My typefaces are not published, nor very popular. A few old Grunge fonts are published through DsgnHaus in the US, and I receive an average royalty check of $50 per month. One of those, Cornwall was used as the main text font in RayGun for about a year in 1994, in its heyday. Of all my other fonts, I probably sold as many copies of Laika as of Precrime and Alfasans.

In terms of visibility, Laika is currently the most popular font: TV Guide uses it as the main text font, particular for its listings.

The coolest back story is probably connected to Precrime. I was asked to first handletter the logo of the eponymous organization in the movie Minority Report, and then, to develop it into a font. They hardly paid me any money, so I requested a credit instead which I never received. The production designer, Alex McDowell, had asked me to draw a semi-serif. Unfamiliar with how to do that, I designed a sans and a serif, and then chopped a few serifs off. I had a month to do it. It’s used all over the place in the movie, as part of the sets, as well as part of the digital interface designs. I am now married to the movie’s graphic designer, Dianne Chadwick.

Is there a defined lineage in the evolution of your type design work?

Apart from a few one-off headline faces and one rather conceptual serif, all I’ve ever designed are large sans serif families and their slab serif counterparts. All of them have started with regular widths and weights, which might simply mean that I am more interested in reading written language than in looking at letters. In addition, in all of my artistic endeavors (whether that is identity design, music or film making), I am interested in large systems and structures instead of little self-contained pieces, so I would never think of a typeface without thinking how to build it out into a family.

How did you play out your role as “typographic consultant” for the book co-designed with Anne Burdick which won the Golden Letter at the Leipzig Book Fair?

Let me first set straight that Anne designed the book. I only acted as typographic consultant. She had gotten the job to design a structurally very complex reference book about a satirical periodical published around 1900 in Austria (Karl KrausDie Fackel). Anne didn’t speak any German, so she asked me to help her through the first steps of understanding the source material for the book.

It also turned out that I could be helpful in researching and interpreting the specific German typographic quirks evident in the publication. Apart from still existing differences between German and English typesetting (the double s character ß, a different set of quote marks etc.), the publication was typographically quite adventurous at a time when the official type in Germany and Austria was blackletter, not Latin.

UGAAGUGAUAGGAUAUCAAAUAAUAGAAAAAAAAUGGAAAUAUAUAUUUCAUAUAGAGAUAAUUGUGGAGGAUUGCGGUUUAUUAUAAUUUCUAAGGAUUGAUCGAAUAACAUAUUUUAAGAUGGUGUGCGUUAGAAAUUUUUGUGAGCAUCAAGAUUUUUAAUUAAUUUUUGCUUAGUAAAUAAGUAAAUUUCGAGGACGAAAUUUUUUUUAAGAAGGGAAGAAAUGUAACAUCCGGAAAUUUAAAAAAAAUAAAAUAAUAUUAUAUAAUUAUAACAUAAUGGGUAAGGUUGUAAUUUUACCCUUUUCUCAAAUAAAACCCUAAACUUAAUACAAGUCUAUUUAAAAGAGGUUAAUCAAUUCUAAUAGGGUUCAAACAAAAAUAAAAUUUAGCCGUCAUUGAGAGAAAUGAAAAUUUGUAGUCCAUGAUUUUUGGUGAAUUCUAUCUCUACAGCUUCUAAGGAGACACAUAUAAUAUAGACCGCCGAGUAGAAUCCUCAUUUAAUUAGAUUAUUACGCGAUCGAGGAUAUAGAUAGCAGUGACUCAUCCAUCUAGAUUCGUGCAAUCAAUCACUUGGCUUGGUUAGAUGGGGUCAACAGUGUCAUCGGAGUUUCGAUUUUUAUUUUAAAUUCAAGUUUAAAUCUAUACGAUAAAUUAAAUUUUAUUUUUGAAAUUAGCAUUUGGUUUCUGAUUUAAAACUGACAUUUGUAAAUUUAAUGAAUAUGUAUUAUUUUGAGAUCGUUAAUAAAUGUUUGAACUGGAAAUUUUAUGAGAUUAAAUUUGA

I then consulted Anne about historically appropriate typefaces for layers of historic text. For the layer of contemporary writing, I suggested one of my typefaces that is a reinterpretation of turn-of-the-last-century serifs — Alfaserif — then still called Cree Serif.

Any current projects that you are very excited about?

For the last five years, I have been working for an artist collective called Brand New School, where we primarily write, direct and design things for television. During this time, I have been able to start a few type designs for clients and develop them into useable fonts, but generally lack the time to take them to release quality. The latest in that story is a geometric sans serif called Brand New Sans, currently used as the identity typeface for Brand New School. I have still to properly finish all weights. Currently, I am drawing the italic. I am excited about finishing it.

September 21, 2007

Ian Lynam is a graphic designer living in Tokyo and the art director of Neojaponisme. His website is located at His new book, Parallel Strokes, on the intersection of graffiti and typography is available now.

5 Responses

  1. trevor Says:

    great post. love to see / read / hear more thing from the design / commerical side of the universe!

  2. Condor Says:

    A powerhouse!

  3. Ian Says:

    The Games for Musicians from Eno can be found here:

  4. Maria Says:

    great writing by Ian! Jens career is one to follow.

  5. Joseph K Says:

    Thanks for providing selections from his thesis. Looks like fascinating work.